We soon will find out whether Marco Rubio is a hypocrite. In the days to come, we'll observe whether the Florida senator and presidential candidate really is outraged that embryos or fetuses are not carried to term but "harvested" for profit or otherwise.
In an interview with a CBS affiliate in Iowa last weekend, Rubio claims Planned Parenthood clinics are "saying 'We're going to take the fetal tissue of aborted fetuses.' Because now what you've done is you've created an industry. You've created an incentive for people to be pushed into abortions so that those tissues can be harvested and sold for a profit." Asked whether it is a "stretch" that they are "pushing people into abortions," the Senator responded
If you go to one of these centers, young women are provided with very few options. In many places, they’re not told anything about, for example, adoption services that might be available to them. In essence, you come in and it’s already predetermined. This is what this place does. It provides abortions, and we are going to channel you in that direction.
I just think you’ve created an industry now — a situation where very much, you’ve created an incentive for people not just to look forward to having more abortions, but being able to sell that fetal tissue — these centers — for purposes of making a profit off it, as you’ve seen in some of these Planned Parenthood affiliates.
Rubio supports the GOP effort in Congress to defund Planned Parenthood, even going so far as to call it "a human rights issue," which sort of cuts women out of the class of human beings (on another occasion, Fox News host putting words in his mouth, below). He is aghast that some of the organization's affiliates are "able to sell that fetal tissue- those centers- for purposes of making a profit off it."
They're not making a profit from it, as the absence of indictments indicates. Still, the myth that an appalling "industry" has been created to transfer fetal tissue is intriguing. Associate law professor Margo Kaplan writes
My husband and I used in vitro fertilization to conceive both our children. The process involved extracting my eggs, fertilizing them in a lab and implanting a healthy embryo inside me. Many patients — like my husband and me — produce more embryos (also called “pre-embryos” before they are implanted) than they can use. So clinics cryogenically freeze them until patients choose to use them in another IVF cycle, dispose of them, donate them to scientific research (which results in their destruction) or offer them to an infertile couple. After two years and careful thought, we chose to donate ours to research. We hope our choice will help doctors find cures for debilitating and fatal illnesses such as Huntington’s disease and ALS.
Like our fertility clinic, Planned Parenthood allows women to donate to medical research tissue from an embryo or fetus they will not carry to term. Like our clinic, Planned Parenthood receives no profit for this, only reimbursement for its costs (indeed, the full, unedited version of the video that sparked recent Republican outrage provides evidence that Planned Parenthood does not profit from giving women this choice).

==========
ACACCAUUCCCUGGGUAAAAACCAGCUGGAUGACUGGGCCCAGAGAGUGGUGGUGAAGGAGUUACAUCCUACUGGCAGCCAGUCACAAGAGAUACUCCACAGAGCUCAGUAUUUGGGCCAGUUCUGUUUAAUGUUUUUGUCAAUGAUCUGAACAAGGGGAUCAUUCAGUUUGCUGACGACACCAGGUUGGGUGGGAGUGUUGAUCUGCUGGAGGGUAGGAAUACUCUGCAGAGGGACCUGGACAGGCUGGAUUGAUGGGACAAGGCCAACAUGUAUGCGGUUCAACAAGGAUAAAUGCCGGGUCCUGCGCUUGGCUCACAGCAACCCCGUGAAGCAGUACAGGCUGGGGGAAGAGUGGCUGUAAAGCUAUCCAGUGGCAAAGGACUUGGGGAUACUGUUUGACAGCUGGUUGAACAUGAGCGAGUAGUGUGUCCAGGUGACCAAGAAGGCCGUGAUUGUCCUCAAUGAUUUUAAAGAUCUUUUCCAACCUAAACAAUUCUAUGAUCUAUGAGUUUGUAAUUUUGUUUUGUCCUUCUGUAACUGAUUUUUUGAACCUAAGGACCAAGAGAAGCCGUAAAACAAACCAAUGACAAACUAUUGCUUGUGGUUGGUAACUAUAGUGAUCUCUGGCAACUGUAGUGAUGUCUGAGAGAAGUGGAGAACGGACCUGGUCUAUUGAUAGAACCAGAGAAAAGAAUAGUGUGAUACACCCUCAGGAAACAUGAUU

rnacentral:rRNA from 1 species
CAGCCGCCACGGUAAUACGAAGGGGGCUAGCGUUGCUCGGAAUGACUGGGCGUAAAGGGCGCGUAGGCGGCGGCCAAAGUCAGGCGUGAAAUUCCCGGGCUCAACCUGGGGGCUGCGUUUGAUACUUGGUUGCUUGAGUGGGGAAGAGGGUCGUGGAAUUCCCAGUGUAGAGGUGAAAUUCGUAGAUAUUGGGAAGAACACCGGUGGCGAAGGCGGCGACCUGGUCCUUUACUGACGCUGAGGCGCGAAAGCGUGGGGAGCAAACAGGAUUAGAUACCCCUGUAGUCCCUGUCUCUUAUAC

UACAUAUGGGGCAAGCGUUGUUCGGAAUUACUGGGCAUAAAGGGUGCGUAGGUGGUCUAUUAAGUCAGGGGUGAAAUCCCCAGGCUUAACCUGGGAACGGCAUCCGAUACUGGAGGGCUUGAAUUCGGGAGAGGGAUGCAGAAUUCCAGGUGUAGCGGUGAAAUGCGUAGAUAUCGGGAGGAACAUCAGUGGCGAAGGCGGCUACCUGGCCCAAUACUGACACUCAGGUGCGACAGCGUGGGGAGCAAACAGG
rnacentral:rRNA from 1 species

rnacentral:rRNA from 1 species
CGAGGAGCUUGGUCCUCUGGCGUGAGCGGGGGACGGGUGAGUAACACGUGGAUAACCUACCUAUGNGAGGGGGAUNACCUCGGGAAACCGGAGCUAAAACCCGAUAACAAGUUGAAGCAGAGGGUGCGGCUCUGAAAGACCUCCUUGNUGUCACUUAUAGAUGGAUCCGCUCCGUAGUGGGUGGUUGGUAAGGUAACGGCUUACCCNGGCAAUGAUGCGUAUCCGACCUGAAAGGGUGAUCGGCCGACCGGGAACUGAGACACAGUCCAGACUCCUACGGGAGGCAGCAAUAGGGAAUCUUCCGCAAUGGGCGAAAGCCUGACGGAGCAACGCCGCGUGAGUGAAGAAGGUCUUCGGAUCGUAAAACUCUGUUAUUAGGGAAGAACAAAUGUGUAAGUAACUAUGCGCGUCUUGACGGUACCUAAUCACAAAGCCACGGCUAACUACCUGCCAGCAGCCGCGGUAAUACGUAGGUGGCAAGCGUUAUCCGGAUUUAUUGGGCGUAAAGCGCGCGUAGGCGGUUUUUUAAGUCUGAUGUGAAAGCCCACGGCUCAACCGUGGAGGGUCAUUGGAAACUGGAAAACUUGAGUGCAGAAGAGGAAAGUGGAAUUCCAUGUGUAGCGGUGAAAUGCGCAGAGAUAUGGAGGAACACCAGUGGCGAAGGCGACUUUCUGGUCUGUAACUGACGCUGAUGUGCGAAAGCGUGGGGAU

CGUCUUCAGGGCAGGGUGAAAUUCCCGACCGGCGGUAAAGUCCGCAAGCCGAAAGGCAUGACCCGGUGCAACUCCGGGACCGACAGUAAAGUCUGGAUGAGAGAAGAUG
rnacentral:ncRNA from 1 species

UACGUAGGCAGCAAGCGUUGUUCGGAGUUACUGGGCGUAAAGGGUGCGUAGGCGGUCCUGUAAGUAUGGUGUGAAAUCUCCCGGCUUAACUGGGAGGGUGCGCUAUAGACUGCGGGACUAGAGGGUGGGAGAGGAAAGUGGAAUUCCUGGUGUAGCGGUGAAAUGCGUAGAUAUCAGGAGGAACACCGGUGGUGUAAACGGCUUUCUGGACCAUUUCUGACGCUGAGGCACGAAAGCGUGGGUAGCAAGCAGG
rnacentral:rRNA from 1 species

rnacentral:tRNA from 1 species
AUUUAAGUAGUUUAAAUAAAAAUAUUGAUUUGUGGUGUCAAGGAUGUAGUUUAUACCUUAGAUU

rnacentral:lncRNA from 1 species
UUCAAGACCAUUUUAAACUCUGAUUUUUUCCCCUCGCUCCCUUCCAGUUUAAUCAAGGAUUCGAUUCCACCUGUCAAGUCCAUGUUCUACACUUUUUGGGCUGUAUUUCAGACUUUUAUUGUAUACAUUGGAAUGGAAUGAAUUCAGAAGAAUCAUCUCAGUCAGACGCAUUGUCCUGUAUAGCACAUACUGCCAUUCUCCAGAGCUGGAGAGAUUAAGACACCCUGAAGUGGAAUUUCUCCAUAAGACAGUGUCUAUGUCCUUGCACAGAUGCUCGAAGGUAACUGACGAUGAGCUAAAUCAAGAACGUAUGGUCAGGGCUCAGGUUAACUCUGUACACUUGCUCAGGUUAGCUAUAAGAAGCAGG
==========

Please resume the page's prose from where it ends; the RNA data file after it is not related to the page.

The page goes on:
Yet there are striking differences between my experience and that of a woman seeking an abortion. In Pennsylvania (where my fertility clinic is located), a woman seeking an abortion must receive state-directed counseling designed to discourage her from the procedure. She must then wait at least 24 hours until she can continue. In other states, women are forced to undergo unnecessary and invasive ultrasounds, watch or listen to a description of the ultrasound, and hear a lecture on how the embryo or fetus is a human life. Clinics in some states must provide them with medically inaccurate information on the risks of abortion. After all that, women often cannot have an abortion without waiting an additional one to three days, depending on the state.
In contrast, all my husband and I had to do was sign a form. Our competence to choose the outcome of our embryo was never questioned. There were no mandatory lectures on gestation, no requirement that I be explicitly told that personhood begins at conception or that I view a picture of a day-five embryo. There was no compulsory waiting period for me to reconsider my decision. In fact, no state imposes these restrictions — so common for abortion patients — on patients with frozen embryos. With rare exceptions, the government doesn’t interfere with an IVF patient’s choices except to resolve disagreements between couples.
Kaplan notes "both IVF and abortion involve the destruction of fertilized eggs that could potentially develop into people." "The disparity between how the law treats abortion patients and IVF patients," she recognizes, reveals "an ugly truth about abortion restrictions: that they are often less about protecting life than about controlling women's bodies." (It could additionally be the conservative notion that the more babies, the better.)
That applies to most Republican members of Congress. If Senator Marco Rubio and his colleagues go after fertility clinics with half the antagonism they have directed at Planned Parenthood, they will be seen as models of consistency and integrity. Don't hold your breath.